Tutoring ban ‘may not ease Chinese student inequality and stress’

‘Families who have more resources will find ways to go around the policy,’ says scholar

November 7, 2021
Visitors are seen at an exhibition called 'Heart of Cyberpunk' as it displays human eyes on TV screens
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China’s ban on private tutoring might not improve equality of access to leading universities, experts said.

Earlier this month, the Ministry of Education said it would check to ensure that online tutoring organisations were not violating rules it had issued in July that banned for-profit tutoring on core curriculum subjects and also urged schools to assign less homework to reduce students’ stress.

Yang Rui, a professor in the Faculty of Education at the University of Hong Kong (HKU), said the shift reflected how “the government is recognising that education anxiety is a prominent issue among the public”.

But Yan Chen, Daniel Kahneman collegiate professor in the University of Michigan’s School of Information, who has done extensive research on Chinese college admissions, said that as long as securing a place in a top university depended on a good performance in the intensely competitive gaokao national university admissions exam, “robust demand for tutoring from parents” would persist.

She cited a web page where a sponsored advertisement next to an article about the ministry’s rules linked to an online tutoring website, which “demonstrates the demand and supply of private tutoring even under the new policy”.

Xu Zhao, director of research in Chinese youth mental health and well-being at the University of Calgary’s Werklund School of Education, agreed.

The new rules, she said, “do not change the test- and competition-based education system, nor the job markets that rely on educational credentials in hiring”.

“Without increasing government investment in quality education for all, educational disparity and anxiety among Chinese students and parents will not be reduced, but more likely increased by the lack of options of support for the majority in preparing for the high-stakes tests,” Professor Zhao said.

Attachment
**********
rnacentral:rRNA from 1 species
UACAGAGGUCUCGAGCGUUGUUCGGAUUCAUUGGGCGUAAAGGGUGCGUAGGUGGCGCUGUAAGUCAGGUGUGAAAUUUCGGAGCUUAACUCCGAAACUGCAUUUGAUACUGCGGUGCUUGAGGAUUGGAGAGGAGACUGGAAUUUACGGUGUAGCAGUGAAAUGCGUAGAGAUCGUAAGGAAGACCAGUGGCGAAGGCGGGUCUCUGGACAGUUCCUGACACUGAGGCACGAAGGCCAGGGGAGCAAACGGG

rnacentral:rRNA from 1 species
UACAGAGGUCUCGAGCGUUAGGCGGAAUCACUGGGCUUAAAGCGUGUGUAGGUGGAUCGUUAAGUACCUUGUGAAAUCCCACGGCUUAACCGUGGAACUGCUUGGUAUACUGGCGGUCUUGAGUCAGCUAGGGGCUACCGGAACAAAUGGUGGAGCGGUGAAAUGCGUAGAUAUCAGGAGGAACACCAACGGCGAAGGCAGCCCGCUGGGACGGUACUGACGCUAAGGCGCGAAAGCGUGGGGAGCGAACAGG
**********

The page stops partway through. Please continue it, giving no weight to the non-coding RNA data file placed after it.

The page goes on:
“Families who have more resources will find ways to go around the policy, and the gaps between the haves and the have-nots will increase. Higher education, especially seats in the prestigious universities, would be less accessible for those who do not have resources and power.”

Michigan’s Professor Chen concurred. “Online education would help alleviate the inequality of education resources across regions and socio-economic classes. If these resources are restricted, regional inequality in education resources and outcomes will be widened, as will disparities in different social classes,” she said.

HKU’s Professor Yang said the ban on tutoring “needs to be supported by other policies to ensure educational fairness”.

“Ultimately, China has to qualitatively upgrade its public school education. This would be the best way to achieve educational equity and equality,” he said.

Yu Chen, lecturer in Chinese studies at the University of Sheffield, argued that the reforms “provide an opportunity to address regional educational inequality if more policies can be adopted to deal with the uneven distribution of school resources”.

“Such policies could include more resources for staffing and facilities in public schools in less developed regions, investment in after-school clubs, a mobility scheme which encourages good teachers to work in less-developed regions for a certain period, and more online training and educational resources available to staff and students in less-developed areas,” Dr Chen said.

“Both local and national investment in school education are important to address the regional disparities.”


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